By Harold C. Ford
“On a daily basis, every moment, black folks are being bombarded with images of our death and after a while that does something to your psyche. It’s literally saying, ‘Black people, you might be next. You will be next.’ ” …Matthew Wead, artist
The black and white woodcut prints of Matthew Wead’s Black Matters collection focus on tragedy: grim images of black and brown victims of police violence in the moments before their lives are snuffed out.
However, the most tragic aspect of Wead’s work may be the inexorable body count that affords the artist an opportunity to add to his collection. In fact, the images of three more victims—George Floyd, Breonna Taylor, and Ahmaud Arbery—were added since the exhibit’s installation at the Flint Institute of Arts (FIA) on July 6, 2020.
Although the initial series, titled “Shooting Targets”, was completed in 2009, Wead said it “has now become a never-ending and daunting task.”
Origins of Black Matters:
Wead, a graduate of Morehouse College (BFA, 2006) and the University of Maryland (2009), was moved toward Shooting Targets and Black Matters by the brutal 2006 arrest of Mostafa Tabatabainejad, a UCLA student. Tabatabainejad, an Iranian-American, was drive stunned five times with a Taser while handcuffed. His offense? He declined to show his UCLA ID card because he thought he was being racially profiled.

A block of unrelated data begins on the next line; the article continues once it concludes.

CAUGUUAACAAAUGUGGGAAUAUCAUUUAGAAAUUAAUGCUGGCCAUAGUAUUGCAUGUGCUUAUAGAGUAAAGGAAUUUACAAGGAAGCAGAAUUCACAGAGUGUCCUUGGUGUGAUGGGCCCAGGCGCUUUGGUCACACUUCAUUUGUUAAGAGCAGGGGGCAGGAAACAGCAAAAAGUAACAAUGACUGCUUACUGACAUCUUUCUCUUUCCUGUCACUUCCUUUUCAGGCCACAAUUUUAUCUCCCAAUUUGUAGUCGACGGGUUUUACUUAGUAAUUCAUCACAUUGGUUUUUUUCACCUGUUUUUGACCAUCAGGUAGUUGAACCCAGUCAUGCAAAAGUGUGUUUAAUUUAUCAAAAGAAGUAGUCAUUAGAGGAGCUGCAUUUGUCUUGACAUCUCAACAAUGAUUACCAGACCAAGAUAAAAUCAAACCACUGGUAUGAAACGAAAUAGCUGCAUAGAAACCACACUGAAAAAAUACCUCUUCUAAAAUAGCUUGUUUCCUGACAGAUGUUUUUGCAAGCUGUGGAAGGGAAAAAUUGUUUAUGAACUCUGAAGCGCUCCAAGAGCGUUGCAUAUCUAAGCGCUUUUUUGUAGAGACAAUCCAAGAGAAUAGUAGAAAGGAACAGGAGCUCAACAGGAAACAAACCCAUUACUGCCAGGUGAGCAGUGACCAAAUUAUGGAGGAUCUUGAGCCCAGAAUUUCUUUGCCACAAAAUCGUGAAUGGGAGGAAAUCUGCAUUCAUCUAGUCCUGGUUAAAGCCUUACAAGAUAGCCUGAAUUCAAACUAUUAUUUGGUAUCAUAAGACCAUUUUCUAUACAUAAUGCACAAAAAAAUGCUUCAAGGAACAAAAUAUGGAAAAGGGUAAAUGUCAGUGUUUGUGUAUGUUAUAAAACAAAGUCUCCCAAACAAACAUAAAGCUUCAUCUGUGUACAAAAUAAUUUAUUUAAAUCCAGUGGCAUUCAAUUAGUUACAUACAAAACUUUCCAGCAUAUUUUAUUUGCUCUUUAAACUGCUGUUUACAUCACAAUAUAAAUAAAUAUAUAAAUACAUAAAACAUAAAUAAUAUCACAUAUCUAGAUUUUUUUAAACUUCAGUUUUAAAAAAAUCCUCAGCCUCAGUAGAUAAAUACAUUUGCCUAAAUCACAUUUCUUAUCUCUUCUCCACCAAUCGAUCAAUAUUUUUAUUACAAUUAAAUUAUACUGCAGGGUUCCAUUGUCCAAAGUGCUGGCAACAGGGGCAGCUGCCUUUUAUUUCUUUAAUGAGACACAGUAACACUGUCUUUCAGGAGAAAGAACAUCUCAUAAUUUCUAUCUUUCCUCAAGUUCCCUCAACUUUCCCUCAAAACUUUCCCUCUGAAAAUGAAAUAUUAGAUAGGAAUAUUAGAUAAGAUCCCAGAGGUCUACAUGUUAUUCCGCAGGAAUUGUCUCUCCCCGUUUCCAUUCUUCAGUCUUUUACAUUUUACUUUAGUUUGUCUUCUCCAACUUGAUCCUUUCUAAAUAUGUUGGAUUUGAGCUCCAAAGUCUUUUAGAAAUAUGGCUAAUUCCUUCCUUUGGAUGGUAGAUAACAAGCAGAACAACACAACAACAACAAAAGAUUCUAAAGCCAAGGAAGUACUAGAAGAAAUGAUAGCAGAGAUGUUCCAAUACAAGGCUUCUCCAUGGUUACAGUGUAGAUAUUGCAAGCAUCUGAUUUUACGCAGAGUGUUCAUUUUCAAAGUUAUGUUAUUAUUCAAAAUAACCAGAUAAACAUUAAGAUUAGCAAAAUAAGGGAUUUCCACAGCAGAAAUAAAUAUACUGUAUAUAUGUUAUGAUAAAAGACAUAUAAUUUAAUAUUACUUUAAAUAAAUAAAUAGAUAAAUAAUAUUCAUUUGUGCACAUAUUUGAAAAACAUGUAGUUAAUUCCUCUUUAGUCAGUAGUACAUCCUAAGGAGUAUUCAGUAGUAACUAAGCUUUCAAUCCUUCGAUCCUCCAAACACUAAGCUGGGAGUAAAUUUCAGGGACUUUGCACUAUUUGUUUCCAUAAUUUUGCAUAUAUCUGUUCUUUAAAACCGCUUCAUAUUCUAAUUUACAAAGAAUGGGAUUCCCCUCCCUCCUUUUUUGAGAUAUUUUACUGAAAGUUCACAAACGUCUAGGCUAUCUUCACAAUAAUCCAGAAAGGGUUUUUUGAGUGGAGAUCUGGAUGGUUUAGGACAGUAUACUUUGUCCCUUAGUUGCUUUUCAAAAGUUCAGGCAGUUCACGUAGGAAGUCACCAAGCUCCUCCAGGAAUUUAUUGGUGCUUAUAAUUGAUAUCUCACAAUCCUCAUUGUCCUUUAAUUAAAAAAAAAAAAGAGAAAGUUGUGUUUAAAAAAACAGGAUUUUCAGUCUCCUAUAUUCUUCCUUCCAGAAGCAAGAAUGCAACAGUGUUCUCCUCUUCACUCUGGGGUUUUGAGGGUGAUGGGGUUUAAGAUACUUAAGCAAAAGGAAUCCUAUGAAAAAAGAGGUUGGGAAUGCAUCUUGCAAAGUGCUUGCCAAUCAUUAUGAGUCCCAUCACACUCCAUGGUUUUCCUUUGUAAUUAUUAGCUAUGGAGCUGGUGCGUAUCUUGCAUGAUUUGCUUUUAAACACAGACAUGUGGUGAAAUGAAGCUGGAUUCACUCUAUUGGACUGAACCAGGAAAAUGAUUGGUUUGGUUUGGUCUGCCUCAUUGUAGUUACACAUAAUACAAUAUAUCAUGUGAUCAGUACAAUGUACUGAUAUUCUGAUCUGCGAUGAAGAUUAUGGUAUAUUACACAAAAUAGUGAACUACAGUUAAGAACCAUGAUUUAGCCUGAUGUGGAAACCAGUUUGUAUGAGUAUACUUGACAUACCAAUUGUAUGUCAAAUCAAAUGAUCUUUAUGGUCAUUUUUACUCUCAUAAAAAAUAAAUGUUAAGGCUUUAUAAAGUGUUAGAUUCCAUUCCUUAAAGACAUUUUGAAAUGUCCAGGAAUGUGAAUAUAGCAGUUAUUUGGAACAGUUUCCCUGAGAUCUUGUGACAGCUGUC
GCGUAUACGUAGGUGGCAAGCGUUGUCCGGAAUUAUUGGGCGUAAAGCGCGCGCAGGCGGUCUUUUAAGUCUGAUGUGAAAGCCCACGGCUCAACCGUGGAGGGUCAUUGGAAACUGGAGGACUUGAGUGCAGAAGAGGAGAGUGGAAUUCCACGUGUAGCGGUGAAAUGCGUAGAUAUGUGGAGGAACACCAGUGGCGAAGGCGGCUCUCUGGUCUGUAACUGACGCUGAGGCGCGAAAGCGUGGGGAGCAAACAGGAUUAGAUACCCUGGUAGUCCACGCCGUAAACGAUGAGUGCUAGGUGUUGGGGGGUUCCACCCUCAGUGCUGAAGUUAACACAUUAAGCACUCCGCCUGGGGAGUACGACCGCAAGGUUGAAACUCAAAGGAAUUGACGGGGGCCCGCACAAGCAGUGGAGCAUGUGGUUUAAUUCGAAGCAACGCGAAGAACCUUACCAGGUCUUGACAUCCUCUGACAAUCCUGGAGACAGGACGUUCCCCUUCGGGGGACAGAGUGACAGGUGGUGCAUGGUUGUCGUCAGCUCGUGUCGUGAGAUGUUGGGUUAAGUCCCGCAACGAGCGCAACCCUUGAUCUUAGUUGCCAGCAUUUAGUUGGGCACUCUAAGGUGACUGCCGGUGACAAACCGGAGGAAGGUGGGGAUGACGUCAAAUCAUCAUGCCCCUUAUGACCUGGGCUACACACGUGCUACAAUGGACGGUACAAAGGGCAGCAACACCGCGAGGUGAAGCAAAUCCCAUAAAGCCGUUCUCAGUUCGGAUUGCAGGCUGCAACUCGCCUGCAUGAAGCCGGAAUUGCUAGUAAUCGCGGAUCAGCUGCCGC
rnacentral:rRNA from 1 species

The screams of Tabatabainejad troubled Wead. “I couldn’t get it out of my head for a couple of days,” he recalled during a remote interview with FIA patrons on Aug. 19. “It was very visceral…he was in pain.”
The Tasing of Tabatabainejad reminded Wead of the all-too-familiar photograph of “Whipped Peter” published in Harper’s Weekly in July 1863. Whipped Peter, actual name Gordon, turned his back to the camera to show the horrible scars from a savage whipping by a slave master.
“Whipped Peter” (actual name Gordon)
Image first appeared in Harper’s Weekly, 1863
This image from Deadline.com
Police shootings sent Wead to a gun shooting range to experience the firing of a weapon. Eerily, the targets at the shooting range were black silhouettes on a white paper.
“It was emotionally impactful for me,” said Wead. “I’ve had guns put in my face.”
Thus, the inspiration for the earlier Shooting Targets and the present Black Matters was born.
Image source: gunfun.com
During the Aug. 19 interview with the FIA’s Tracee Glab, curator of collections and exhibitions, Wead revealed that his artistic style was influenced by Caravaggio, Robert Longo, Elizabeth Catlett, and Kathe Kollwitz.
The Italian artist Michelangelo Merisi da Caravaggio, 1571-1610, “used ordinary working people with irregular, rough and characterful faces as models…”.
Caravaggio’s “Boy bitten by a Lizard”
Image from the National Gallery of Art
“He’s always dramatic,” said Wead, “plays with shadows, plays with light. He’s one of the artists I admire the most.”
Wead admitted his work has similarities with Longo’s “Men in the Cities” series but noted, “I focus more on the faces.” An American artist, filmmaker, and musician, Longo became well known in the 1980s for his print series that depicted well-dressed persons in contorted emotional expressions.
Untitled, 1980, from Robert Longo’s “Men in the Cities” series
Catlett, 1915-2012, was a graphic artist and sculptor best known for her depictions of the African American experience in the 20th century.